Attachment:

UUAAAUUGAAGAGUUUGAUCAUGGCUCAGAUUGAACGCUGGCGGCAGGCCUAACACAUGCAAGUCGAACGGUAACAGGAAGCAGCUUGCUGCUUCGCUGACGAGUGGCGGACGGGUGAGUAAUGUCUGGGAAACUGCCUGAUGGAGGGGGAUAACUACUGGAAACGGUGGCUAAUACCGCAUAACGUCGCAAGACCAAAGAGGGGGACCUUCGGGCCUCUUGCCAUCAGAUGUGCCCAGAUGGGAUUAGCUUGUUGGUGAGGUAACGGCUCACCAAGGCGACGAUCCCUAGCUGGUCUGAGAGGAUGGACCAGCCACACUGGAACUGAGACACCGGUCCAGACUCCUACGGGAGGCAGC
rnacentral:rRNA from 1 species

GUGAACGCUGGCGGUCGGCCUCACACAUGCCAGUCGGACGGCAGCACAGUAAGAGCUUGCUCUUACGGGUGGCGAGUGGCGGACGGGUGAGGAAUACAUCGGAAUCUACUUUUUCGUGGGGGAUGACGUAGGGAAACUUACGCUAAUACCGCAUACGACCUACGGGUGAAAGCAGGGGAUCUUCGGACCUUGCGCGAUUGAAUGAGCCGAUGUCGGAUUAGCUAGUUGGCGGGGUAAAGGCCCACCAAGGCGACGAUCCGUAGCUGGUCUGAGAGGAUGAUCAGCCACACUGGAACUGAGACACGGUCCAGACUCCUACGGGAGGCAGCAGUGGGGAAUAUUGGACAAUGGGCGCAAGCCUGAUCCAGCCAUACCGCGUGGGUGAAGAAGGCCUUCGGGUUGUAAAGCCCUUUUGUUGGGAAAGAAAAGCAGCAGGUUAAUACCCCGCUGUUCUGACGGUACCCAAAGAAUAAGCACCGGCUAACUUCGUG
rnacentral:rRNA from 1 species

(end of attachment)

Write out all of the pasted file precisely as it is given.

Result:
UUAAAUUGAAGAGUUUGAUCAUGGCUCAGAUUGAACGCUGGCGGCAGGCCUAACACAUGCAAGUCGAACGGUAACAGGAAGCAGCUUGCUGCUUCGCUGACGAGUGGCGGACGGGUGAGUAAUGUCUGGGAAACUGCCUGAUGGAGGGGGAUAACUACUGGAAACGGUGGCUAAUACCGCAUAACGUCGCAAGACCAAAGAGGGGGACCUUCGGGCCUCUUGCCAUCAGAUGUGCCCAGAUGGGAUUAGCUUGUUGGUGAGGUAACGGCUCACCAAGGCGACGAUCCCUAGCUGGUCUGAGAGGAUGGACCAGCCACACUGGAACUGAGACACCGGUCCAGACUCCUACGGGAGGCAGC
rnacentral:rRNA from 1 species

GUGAACGCUGGCGGUCGGCCUCACACAUGCCAGUCGGACGGCAGCACAGUAAGAGCUUGCUCUUACGGGUGGCGAGUGGCGGACGGGUGAGGAAUACAUCGGAAUCUACUUUUUCGUGGGGGAUGACGUAGGGAAACUUACGCUAAUACCGCAUACGACCUACGGGUGAAAGCAGGGGAUCUUCGGACCUUGCGCGAUUGAAUGAGCCGAUGUCGGAUUAGCUAGUUGGCGGGGUAAAGGCCCACCAAGGCGACGAUCCGUAGCUGGUCUGAGAGGAUGAUCAGCCACACUGGAACUGAGACACGGUCCAGACUCCUACGGGAGGCAGCAGUGGGGAAUAUUGGACAAUGGGCGCAAGCCUGAUCCAGCCAUACCGCGUGGGUGAAGAAGGCCUUCGGGUUGUAAAGCCCUUUUGUUGGGAAAGAAAAGCAGCAGGUUAAUACCCCGCUGUUCUGACGGUACCCAAAGAAUAAGCACCGGCUAACUUCGUG
rnacentral:rRNA from 1 species